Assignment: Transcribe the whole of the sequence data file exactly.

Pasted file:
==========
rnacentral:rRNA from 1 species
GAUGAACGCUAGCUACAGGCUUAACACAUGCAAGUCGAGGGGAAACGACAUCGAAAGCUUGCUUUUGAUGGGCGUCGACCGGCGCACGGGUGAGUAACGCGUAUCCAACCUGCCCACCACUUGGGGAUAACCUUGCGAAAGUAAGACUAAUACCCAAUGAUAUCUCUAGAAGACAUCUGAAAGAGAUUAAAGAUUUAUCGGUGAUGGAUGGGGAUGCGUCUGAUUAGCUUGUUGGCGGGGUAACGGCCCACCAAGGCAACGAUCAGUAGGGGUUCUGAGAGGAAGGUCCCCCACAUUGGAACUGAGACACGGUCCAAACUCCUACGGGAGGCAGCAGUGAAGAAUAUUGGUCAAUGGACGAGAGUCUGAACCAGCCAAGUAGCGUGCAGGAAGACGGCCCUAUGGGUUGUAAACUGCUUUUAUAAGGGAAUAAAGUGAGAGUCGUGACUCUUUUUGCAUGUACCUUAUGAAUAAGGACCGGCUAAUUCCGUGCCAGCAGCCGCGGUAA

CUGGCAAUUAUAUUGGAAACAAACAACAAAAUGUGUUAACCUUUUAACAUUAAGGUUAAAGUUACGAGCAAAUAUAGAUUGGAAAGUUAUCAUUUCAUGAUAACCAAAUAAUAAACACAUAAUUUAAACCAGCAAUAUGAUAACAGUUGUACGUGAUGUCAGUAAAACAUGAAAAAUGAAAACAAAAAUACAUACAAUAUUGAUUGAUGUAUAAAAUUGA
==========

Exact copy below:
rnacentral:rRNA from 1 species
GAUGAACGCUAGCUACAGGCUUAACACAUGCAAGUCGAGGGGAAACGACAUCGAAAGCUUGCUUUUGAUGGGCGUCGACCGGCGCACGGGUGAGUAACGCGUAUCCAACCUGCCCACCACUUGGGGAUAACCUUGCGAAAGUAAGACUAAUACCCAAUGAUAUCUCUAGAAGACAUCUGAAAGAGAUUAAAGAUUUAUCGGUGAUGGAUGGGGAUGCGUCUGAUUAGCUUGUUGGCGGGGUAACGGCCCACCAAGGCAACGAUCAGUAGGGGUUCUGAGAGGAAGGUCCCCCACAUUGGAACUGAGACACGGUCCAAACUCCUACGGGAGGCAGCAGUGAAGAAUAUUGGUCAAUGGACGAGAGUCUGAACCAGCCAAGUAGCGUGCAGGAAGACGGCCCUAUGGGUUGUAAACUGCUUUUAUAAGGGAAUAAAGUGAGAGUCGUGACUCUUUUUGCAUGUACCUUAUGAAUAAGGACCGGCUAAUUCCGUGCCAGCAGCCGCGGUAA

CUGGCAAUUAUAUUGGAAACAAACAACAAAAUGUGUUAACCUUUUAACAUUAAGGUUAAAGUUACGAGCAAAUAUAGAUUGGAAAGUUAUCAUUUCAUGAUAACCAAAUAAUAAACACAUAAUUUAAACCAGCAAUAUGAUAACAGUUGUACGUGAUGUCAGUAAAACAUGAAAAAUGAAAACAAAAAUACAUACAAUAUUGAUUGAUGUAUAAAAUUGA